Treatment

GenderAge, yearsAML size, cmFeatures of TSCRight KidneyLeft KidneyOutcome
F26  5.0Periungual fibroma, renal AMLFollow-upPartial neprectomyaAlive
M2513.0Facial angiofibromas, periungual fibroma, subependymal nodule, renal AMLFollow-upFollow-upAlive
F37  9.0Facial angiofibromas, renal AMLFollow-upFollow-upAlive
M4910.0Facial angiofibromas, renal AMLFollow-upFollow-upAlive
F1815.0Facial angiofibromas, subependymal nodule, renal AMLTumor enucleation 6 months latera,b NephrectomyaAlive
M19   5.5Facial angiofibromas, renal AMLFollow-upFollow-upAlive
F62   3.0Confetti skin lesion, hepatic hamartoma, renal AMLFollow-upPartial neprectomyaAlive
M32   7.0Facial angiofibromas, shagreen patch, periungual fibroma, renal AMLFollow-upPartial neprectomyaAlive
F29   9.0Facial angiofibromas, renal AMLFollow-upTumor enucleationaAlive
F5110.0Facial angiofibromas, subependymal nodule, periungual fibroma, renal AMLFollow-upFollow-upAlive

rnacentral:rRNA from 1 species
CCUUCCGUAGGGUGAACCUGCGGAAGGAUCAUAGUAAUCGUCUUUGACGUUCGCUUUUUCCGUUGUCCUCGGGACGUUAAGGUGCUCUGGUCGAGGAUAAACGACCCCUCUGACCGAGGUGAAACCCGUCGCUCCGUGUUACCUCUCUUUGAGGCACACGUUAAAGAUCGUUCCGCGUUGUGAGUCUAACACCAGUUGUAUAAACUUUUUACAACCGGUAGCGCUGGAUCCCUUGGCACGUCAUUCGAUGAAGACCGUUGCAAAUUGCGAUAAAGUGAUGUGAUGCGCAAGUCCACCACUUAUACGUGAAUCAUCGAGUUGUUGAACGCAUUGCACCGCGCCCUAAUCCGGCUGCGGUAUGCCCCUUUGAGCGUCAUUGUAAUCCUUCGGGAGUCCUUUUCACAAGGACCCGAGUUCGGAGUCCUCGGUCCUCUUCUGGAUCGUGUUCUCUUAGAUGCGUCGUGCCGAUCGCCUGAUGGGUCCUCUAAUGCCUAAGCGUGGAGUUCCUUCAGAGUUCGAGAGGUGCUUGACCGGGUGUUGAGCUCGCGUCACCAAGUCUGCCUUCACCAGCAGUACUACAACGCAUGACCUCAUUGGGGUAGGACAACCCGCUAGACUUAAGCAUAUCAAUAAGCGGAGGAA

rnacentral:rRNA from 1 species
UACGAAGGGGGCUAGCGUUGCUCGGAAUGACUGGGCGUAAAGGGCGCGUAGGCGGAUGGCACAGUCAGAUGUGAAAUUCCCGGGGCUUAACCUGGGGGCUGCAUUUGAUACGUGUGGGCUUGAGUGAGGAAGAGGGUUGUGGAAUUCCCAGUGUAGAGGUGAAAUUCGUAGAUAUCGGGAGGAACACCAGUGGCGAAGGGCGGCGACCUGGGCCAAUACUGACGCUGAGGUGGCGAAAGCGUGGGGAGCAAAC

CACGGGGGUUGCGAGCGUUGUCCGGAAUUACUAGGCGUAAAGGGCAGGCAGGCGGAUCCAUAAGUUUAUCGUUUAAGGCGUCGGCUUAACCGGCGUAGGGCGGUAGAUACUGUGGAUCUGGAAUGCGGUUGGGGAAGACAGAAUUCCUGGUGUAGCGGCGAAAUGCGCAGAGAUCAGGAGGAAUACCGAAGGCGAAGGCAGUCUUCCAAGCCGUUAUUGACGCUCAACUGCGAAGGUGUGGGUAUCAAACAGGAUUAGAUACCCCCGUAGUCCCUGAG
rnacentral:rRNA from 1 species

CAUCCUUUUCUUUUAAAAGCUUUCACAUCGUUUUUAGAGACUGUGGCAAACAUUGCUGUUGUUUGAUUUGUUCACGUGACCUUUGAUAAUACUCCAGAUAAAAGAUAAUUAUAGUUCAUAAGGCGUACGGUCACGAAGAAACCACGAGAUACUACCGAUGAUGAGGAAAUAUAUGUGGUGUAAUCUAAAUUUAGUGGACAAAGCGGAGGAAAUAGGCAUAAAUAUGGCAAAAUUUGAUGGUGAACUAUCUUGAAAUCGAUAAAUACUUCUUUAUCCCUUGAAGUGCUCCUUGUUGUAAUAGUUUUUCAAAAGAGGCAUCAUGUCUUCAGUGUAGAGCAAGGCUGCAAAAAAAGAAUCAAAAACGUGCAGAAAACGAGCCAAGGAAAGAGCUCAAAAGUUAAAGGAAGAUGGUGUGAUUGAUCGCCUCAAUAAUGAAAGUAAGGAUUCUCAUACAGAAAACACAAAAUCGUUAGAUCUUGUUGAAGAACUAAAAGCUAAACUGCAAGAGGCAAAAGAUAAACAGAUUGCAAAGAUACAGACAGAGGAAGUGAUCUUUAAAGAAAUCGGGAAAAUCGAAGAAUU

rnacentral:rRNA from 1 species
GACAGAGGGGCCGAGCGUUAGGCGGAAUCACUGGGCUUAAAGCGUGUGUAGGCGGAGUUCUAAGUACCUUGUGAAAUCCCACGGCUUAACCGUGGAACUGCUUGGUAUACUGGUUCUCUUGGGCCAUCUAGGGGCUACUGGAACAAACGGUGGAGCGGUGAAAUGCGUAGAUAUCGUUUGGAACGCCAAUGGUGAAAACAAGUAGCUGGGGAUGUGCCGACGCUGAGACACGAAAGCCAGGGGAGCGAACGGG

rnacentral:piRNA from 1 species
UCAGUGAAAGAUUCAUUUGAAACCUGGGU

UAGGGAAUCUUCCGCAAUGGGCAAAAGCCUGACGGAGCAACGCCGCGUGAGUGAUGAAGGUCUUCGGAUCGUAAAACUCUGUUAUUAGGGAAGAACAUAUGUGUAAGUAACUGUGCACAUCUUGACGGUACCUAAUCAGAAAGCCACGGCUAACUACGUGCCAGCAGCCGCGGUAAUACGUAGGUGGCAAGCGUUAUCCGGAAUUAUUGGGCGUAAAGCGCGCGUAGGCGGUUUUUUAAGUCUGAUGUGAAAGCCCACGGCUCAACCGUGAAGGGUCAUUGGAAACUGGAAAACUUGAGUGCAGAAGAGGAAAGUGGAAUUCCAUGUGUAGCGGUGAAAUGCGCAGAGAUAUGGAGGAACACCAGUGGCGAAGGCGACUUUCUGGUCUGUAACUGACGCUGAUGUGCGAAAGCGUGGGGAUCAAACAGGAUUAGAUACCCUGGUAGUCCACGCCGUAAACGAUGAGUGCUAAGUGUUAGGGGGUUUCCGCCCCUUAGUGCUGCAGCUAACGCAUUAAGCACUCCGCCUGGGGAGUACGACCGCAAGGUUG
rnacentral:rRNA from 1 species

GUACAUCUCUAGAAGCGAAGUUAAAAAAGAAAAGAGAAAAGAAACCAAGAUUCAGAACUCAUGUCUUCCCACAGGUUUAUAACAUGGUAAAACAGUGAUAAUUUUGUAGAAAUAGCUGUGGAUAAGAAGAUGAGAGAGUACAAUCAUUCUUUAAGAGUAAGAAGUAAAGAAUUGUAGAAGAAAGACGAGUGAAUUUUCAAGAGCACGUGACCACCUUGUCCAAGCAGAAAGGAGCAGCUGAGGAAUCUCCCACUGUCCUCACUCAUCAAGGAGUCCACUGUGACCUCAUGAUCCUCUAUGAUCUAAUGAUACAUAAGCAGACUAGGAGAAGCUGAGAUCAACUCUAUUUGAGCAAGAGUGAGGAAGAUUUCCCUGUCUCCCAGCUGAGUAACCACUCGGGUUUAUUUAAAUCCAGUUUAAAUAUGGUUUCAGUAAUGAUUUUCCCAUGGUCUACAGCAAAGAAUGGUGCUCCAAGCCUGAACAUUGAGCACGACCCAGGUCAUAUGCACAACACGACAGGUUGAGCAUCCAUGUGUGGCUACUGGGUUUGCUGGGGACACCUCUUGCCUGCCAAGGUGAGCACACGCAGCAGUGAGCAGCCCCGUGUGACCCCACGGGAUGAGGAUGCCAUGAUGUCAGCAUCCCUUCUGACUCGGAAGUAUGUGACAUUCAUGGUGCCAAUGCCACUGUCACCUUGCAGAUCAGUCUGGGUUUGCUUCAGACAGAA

F22   9.0Facial angiofibromas, shagreen patch, lung periungual fibroma, renal AMLFollow-upFollow-upAlive
M18   8.0Facial angiofibromas, subependymal nodule, periungual fibroma, renal AMLFollow-upFollow-upAlive

a Selective (non-emergency) surgery.

b As the AML in the right kidney was >10 cm, the large AML was removed along the capsule to prevent spontaneous rupture. TSC, tuberous sclerosis complex; AML, angiolipoma; M, male; F, female.

The kidney reservation rate during surgery was 87.5% (7/8) in the PE group and 25% (1/4) in the spontaneous rupture group. A study with additional cases is required to verify the differences between the rupture group and PE group, since the P-value was 0.067 using Fisher's exact test, which is close to 0.05. The surgery demographics of each group are listed in Table III. AMLs with or without hemorrhage were confirmed by pathological examination in 9 cases following surgery.

Table III.

Surgery demographics of the spontaneous rupture and PE groups.

Table III.

Surgery demographics of the spontaneous rupture and PE groups.

SurgeryRupture group, nPE group, nP-value
Nephrectomy310.067
Partial nephrectomy17

[i] P-value calculated using Fisher's exact test. PE, physical examination.

Discussion